Cloning, stem cells and epigenetic reprogramming after nuclear transfer
Author(s)Eggan, Kevin C. (Kevin Carl), 1974-
Massachusetts Institute of Technology. Dept. of Biology.
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The process by which a single totipotent cell becomes a complex organism is a unidirectional program, with each mitotic division generating new cells that gradually differentiate towards more specified fates and specialized functions. Nuclear transfer (NT) experiments have demonstrated the epigenetic nature of development and showed, that although differentiated cells have a very limited developmental potential, the nuclei of these cells retain the potency to direct embryogenesis after reintroduction into the unfertilized oocyte. Herein, we have used the mouse as a model system for understanding both the nature of epigenetic reprogramming that occurs after NT as well as the ramifications it has for the development of cloned animals. Specifically, we investigated how epigenetic states are reprogrammed after NT and demonstrated that the inactive X chromosome is reactivated in NT embryos, resulting in normal X inactivation in female clones. Additionally, investigations into the factors that influence the survival of cloned animals, indicate that there are considerable genetic influences on the cloning process. These genetic factors modify the survival of mice cloned from ES cells by influencing the developmental potential of the donor ES cells rather then the reprogramming process itself. This realization has subsequently led to the development of novel methods for the expedited production of complex mutant mice, which are also described. Finally, we have created cloned embryos by NT from both cortical and mature olfactory sensory neurons to address question of nuclear equivalence in the brain and to investigate whether generation of synaptic diversity or odorant receptor choice, are mediated by genetic as well as epigenetic events.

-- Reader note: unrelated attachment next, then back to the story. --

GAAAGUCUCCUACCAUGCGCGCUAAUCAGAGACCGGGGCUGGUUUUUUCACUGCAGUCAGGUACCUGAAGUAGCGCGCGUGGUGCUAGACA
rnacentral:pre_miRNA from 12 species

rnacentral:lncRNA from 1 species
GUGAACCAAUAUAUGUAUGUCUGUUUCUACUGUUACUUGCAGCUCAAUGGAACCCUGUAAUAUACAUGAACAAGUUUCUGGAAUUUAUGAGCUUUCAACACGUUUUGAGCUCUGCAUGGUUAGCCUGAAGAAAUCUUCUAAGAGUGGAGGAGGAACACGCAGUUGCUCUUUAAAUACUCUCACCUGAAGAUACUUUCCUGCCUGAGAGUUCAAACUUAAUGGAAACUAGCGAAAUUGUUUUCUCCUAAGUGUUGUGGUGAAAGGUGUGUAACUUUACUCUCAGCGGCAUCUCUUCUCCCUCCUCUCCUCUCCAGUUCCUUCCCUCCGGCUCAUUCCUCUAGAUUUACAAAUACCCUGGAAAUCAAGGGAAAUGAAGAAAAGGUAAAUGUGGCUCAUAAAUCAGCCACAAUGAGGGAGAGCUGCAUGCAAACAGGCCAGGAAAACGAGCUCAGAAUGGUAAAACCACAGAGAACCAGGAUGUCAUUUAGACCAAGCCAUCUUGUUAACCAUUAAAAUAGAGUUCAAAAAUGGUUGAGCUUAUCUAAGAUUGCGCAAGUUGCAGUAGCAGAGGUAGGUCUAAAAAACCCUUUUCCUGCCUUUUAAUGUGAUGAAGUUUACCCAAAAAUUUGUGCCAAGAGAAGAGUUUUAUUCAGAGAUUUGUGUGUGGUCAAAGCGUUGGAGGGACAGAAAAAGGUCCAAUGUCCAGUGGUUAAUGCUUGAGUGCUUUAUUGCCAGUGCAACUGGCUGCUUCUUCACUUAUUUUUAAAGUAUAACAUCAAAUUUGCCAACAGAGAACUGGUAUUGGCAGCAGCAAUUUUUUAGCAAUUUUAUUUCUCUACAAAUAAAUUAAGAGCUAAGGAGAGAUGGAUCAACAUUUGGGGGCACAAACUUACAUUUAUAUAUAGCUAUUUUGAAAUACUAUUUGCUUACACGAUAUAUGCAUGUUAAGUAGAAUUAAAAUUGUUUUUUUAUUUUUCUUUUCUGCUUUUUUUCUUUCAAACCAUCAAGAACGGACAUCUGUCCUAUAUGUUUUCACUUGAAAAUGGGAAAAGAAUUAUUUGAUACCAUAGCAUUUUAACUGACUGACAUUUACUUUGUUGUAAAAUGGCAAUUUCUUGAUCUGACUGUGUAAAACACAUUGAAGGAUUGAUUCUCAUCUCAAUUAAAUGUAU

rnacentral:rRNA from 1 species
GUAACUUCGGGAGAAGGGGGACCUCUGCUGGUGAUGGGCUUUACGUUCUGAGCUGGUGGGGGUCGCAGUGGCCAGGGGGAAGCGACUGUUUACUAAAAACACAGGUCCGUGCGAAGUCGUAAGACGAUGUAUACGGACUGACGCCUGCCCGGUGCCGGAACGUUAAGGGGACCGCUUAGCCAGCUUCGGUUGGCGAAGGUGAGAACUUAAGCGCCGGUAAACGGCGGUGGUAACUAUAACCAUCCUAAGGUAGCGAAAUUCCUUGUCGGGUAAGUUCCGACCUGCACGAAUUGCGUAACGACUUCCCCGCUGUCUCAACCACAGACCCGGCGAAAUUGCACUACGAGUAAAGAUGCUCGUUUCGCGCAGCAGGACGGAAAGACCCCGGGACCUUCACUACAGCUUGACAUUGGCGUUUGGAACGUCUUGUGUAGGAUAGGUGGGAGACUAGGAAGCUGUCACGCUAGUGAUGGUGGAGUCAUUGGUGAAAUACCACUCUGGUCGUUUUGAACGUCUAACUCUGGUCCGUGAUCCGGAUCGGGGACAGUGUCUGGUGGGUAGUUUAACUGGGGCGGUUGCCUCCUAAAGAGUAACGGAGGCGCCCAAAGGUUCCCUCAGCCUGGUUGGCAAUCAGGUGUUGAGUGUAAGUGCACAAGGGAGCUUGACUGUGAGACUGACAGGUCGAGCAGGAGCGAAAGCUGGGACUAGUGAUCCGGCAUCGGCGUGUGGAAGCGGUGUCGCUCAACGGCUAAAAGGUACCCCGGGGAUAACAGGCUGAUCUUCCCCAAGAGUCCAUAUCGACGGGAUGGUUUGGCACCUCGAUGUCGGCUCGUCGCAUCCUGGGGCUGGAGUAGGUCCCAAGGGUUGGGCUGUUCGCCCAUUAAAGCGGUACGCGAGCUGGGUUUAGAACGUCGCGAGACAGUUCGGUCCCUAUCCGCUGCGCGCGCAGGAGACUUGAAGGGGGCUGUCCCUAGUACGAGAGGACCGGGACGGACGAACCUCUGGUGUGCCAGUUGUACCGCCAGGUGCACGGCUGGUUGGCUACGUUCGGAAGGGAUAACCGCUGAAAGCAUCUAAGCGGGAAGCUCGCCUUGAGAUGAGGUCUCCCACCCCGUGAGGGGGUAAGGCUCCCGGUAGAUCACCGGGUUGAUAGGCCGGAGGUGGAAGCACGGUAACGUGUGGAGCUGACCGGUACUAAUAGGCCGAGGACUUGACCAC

Thesis (Ph. D.)--Massachusetts Institute of Technology, Dept. of Biology, 2003.Includes bibliographical references (leaves 128-146).
DepartmentMassachusetts Institute of Technology. Dept. of Biology.
Massachusetts Institute of Technology